Sony PSP man slags off Nintendo DSi

Third parties struggle, for kids, etc.

Sony's John Koller has issued a ranty missive accusing the DSi of missing out key demographics and being rubbish for third parties.

In a statement apparently issued late last week (thanks Kotaku), US hardware marketing man Koller wrote: "If Nintendo is really committed to reaching a broader, more diverse audience of gamers beyond the 'kids' market that they've always engaged, there isn't much new with the DSi to support that.

"Significant gamer demographic groups are being ignored, and there continues to be limited opportunities for games from external publishers to do well on the DSi."

Guess where Koller reckons there are opportunities for games from external publishers to do well? That's right - on the PSP.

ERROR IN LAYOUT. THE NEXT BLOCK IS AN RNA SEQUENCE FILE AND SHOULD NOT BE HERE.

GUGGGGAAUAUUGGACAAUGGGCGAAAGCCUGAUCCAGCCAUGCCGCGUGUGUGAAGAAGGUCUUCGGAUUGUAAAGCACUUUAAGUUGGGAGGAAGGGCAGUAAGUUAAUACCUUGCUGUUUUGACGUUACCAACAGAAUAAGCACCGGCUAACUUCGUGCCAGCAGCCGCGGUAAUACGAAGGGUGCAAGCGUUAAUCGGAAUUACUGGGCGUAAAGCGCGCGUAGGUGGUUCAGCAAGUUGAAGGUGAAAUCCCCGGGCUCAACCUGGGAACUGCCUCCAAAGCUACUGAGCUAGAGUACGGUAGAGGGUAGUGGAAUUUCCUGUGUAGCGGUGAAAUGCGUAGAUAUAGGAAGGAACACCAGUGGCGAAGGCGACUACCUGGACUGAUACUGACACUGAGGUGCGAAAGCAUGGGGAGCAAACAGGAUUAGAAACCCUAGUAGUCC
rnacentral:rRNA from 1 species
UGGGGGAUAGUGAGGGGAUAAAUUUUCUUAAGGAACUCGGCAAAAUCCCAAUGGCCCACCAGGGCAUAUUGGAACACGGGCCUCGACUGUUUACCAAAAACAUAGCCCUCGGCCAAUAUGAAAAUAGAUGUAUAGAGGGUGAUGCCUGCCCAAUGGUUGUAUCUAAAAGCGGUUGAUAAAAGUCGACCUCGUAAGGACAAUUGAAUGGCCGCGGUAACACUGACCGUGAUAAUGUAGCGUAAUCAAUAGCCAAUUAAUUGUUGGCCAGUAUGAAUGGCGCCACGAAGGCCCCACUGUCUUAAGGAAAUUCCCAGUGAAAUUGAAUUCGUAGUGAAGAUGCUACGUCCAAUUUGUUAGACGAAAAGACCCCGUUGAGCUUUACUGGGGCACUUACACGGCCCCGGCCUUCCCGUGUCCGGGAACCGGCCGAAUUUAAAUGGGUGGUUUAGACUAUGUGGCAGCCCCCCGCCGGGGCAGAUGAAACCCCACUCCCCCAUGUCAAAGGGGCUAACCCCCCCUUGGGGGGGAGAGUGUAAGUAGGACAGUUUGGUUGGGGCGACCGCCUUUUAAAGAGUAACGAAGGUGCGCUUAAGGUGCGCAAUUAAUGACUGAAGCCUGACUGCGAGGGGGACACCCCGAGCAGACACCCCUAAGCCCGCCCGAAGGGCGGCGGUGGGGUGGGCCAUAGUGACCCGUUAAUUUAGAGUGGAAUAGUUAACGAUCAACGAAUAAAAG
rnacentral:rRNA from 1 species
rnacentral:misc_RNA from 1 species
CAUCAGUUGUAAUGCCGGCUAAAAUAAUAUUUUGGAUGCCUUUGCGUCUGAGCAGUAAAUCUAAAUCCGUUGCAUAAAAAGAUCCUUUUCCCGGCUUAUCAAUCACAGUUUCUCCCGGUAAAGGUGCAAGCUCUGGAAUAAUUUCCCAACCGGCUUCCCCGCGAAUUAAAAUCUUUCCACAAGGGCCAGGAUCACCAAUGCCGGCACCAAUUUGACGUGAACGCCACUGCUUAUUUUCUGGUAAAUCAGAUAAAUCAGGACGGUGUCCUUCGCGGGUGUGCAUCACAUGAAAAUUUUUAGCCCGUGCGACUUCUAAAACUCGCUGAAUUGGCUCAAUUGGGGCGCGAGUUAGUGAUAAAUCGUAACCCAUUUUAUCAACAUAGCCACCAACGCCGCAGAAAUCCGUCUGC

"Compare that with the PSP platform, where we have many blockbuster franchises from our publishing partners launching this year, representing a wide variety of genres and targeting diverse demographics," he wrote, listing Rock Band, Assassin's Creed, Dissidia Final Fantasy and, er, Hannah Montana, which sounds like a kids' game to us.

"From our own first-party studios, we're launching unique versions of LittleBigPlanet and MotorStorm, and we're also planning a steady stream of downloadable games - both new titles and PSone classics - to add to the content that PSP owners can already purchase wirelessly through PlayStation Store."

The DSi, which launched on Friday in Europe for GBP 149, amassed tons of pre-orders and introduces new hardware features (including a sped-up processor and more memory) and a game download service in a reshaped dual-screen format.

Speaking at GDC, Nintendo's US boss Reggie Fils-Aime said that the company's competitors like to talk up "an inability for others to succeed on Nintendo platforms", but said, to cut along story short, that he thought that was bollocks.

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About the author

Tom Bramwell

Tom Bramwell

Contributor  |  tombramwell

Tom worked at Eurogamer from early 2000 to late 2014, including seven years as Editor-in-Chief.


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